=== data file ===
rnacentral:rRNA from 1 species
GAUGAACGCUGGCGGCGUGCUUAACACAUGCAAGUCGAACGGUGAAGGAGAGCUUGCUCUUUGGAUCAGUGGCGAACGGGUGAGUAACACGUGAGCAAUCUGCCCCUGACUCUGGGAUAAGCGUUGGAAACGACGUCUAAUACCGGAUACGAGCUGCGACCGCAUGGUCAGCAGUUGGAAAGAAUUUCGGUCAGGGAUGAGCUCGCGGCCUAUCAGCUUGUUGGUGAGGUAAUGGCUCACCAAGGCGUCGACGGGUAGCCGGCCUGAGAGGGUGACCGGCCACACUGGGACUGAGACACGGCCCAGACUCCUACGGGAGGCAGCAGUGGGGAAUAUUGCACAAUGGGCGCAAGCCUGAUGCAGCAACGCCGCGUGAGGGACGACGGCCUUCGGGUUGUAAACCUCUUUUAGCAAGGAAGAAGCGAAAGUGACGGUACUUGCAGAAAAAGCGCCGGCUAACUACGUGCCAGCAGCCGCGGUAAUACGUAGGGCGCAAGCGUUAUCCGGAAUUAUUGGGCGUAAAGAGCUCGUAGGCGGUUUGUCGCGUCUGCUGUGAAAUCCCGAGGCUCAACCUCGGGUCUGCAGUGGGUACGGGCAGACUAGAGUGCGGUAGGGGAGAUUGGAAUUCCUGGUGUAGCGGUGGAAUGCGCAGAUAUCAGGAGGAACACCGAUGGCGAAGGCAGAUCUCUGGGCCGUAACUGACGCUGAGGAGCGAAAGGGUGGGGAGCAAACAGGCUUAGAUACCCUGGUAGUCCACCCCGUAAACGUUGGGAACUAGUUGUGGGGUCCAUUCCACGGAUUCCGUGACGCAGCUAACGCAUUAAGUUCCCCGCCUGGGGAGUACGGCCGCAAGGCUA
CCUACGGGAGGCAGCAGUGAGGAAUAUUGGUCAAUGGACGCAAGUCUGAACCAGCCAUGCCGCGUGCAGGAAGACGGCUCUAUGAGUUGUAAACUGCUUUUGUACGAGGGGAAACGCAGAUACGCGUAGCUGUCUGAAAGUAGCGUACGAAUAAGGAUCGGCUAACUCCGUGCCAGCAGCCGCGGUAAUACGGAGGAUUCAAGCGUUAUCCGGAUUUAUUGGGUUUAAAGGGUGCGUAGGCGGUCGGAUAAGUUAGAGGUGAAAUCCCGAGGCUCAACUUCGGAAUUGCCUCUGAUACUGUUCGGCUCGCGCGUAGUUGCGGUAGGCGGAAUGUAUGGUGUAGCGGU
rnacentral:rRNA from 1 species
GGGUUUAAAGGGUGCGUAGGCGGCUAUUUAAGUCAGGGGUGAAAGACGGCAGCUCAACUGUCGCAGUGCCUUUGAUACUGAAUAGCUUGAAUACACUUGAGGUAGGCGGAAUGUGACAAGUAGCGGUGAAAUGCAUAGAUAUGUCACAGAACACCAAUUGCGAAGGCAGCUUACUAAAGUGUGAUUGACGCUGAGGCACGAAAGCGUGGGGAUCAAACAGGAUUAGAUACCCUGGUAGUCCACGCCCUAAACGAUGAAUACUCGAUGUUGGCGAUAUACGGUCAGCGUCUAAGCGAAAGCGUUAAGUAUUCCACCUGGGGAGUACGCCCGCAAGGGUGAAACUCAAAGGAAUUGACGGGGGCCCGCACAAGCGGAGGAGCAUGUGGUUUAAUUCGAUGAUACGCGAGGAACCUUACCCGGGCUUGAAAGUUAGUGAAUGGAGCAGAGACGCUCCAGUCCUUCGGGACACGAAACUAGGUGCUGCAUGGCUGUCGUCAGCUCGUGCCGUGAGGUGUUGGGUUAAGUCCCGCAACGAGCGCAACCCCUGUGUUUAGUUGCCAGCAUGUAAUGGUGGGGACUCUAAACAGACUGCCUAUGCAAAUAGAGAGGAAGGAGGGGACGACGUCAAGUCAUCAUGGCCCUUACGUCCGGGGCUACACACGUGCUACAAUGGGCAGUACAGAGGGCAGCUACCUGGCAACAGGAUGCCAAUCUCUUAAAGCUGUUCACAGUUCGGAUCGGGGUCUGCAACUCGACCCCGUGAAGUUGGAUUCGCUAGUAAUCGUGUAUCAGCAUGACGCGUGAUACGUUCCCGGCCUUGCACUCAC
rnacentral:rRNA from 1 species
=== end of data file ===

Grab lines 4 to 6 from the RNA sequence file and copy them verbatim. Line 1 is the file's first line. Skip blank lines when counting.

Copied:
rnacentral:rRNA from 1 species
GGGUUUAAAGGGUGCGUAGGCGGCUAUUUAAGUCAGGGGUGAAAGACGGCAGCUCAACUGUCGCAGUGCCUUUGAUACUGAAUAGCUUGAAUACACUUGAGGUAGGCGGAAUGUGACAAGUAGCGGUGAAAUGCAUAGAUAUGUCACAGAACACCAAUUGCGAAGGCAGCUUACUAAAGUGUGAUUGACGCUGAGGCACGAAAGCGUGGGGAUCAAACAGGAUUAGAUACCCUGGUAGUCCACGCCCUAAACGAUGAAUACUCGAUGUUGGCGAUAUACGGUCAGCGUCUAAGCGAAAGCGUUAAGUAUUCCACCUGGGGAGUACGCCCGCAAGGGUGAAACUCAAAGGAAUUGACGGGGGCCCGCACAAGCGGAGGAGCAUGUGGUUUAAUUCGAUGAUACGCGAGGAACCUUACCCGGGCUUGAAAGUUAGUGAAUGGAGCAGAGACGCUCCAGUCCUUCGGGACACGAAACUAGGUGCUGCAUGGCUGUCGUCAGCUCGUGCCGUGAGGUGUUGGGUUAAGUCCCGCAACGAGCGCAACCCCUGUGUUUAGUUGCCAGCAUGUAAUGGUGGGGACUCUAAACAGACUGCCUAUGCAAAUAGAGAGGAAGGAGGGGACGACGUCAAGUCAUCAUGGCCCUUACGUCCGGGGCUACACACGUGCUACAAUGGGCAGUACAGAGGGCAGCUACCUGGCAACAGGAUGCCAAUCUCUUAAAGCUGUUCACAGUUCGGAUCGGGGUCUGCAACUCGACCCCGUGAAGUUGGAUUCGCUAGUAAUCGUGUAUCAGCAUGACGCGUGAUACGUUCCCGGCCUUGCACUCAC
rnacentral:rRNA from 1 species